Migraines are about 4x more common in females than males. The theory for this is that the female sex hormones lower the “threshold” for triggering migraine attacks. Many women are more susceptible to migraine around their time of menstruation for this reason. Women with migraines are also more triggered by missing meals, which may be due to the differences in male and female metabolism.

More about this can be read here Sex differences in prevalence of migraine trigger factors: A cross-sectional study 

8. How does botox help migraines?

Botox is an injectable toxin that paralyses your muscles. The theory of why this works for migraine is that it prevents neurotransmission (the nerve signals) from the trigeminal nerve (in the face) that can trigger migraines.  

9. How do I prevent a migraine?

Identifying and minimising your triggers is very important in migraine prevention. Apps such at N1 Headache and migraine buddy can be great for helping you to identify your triggers, they are a form of headache diary.

Managing your sleep, diet, stress levels, exercise levels and hydration levels can make a big difference in migraine frequency. Preventative medications may also be prescribed by your doctor if you suffer with migraines on more than 4 days in a month, there are different types of medications for this and they may need to trial a few.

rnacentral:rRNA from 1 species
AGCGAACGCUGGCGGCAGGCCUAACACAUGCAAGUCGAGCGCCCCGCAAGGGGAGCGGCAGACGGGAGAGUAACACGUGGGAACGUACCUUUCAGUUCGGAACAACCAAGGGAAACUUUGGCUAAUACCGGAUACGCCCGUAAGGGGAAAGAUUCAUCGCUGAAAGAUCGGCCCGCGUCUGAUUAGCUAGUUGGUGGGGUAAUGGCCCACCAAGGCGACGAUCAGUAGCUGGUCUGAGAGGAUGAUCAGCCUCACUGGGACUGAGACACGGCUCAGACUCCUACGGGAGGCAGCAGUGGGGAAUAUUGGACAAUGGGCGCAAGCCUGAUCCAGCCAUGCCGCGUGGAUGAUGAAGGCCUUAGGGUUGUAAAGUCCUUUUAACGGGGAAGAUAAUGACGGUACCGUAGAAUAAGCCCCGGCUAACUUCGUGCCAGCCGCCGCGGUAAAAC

Manual therapy and acupuncture are often used and have supporting evidence for migraine management. 

10. Why do I keep getting migraines?

Migraines have a strong genetic component, making some people vulnerable to them while others aren’t. You may have times in your life when you get more migraines and this is usually due to some lifestyle factors.

The most common reasons for increased bouts of migraine are:

  • Hormonal changes
  • Periods of high stress
  • Irregular sleep patterns
  • Diet comprising of the wrong types of foods (often high sugar).

Other factors may be at play, as some people are even susceptible when there are big changes in the weather.  

We hope we have managed to answer some questions you may have about this debilitating condition. Please don’t suffer in silence. There is definitely hope!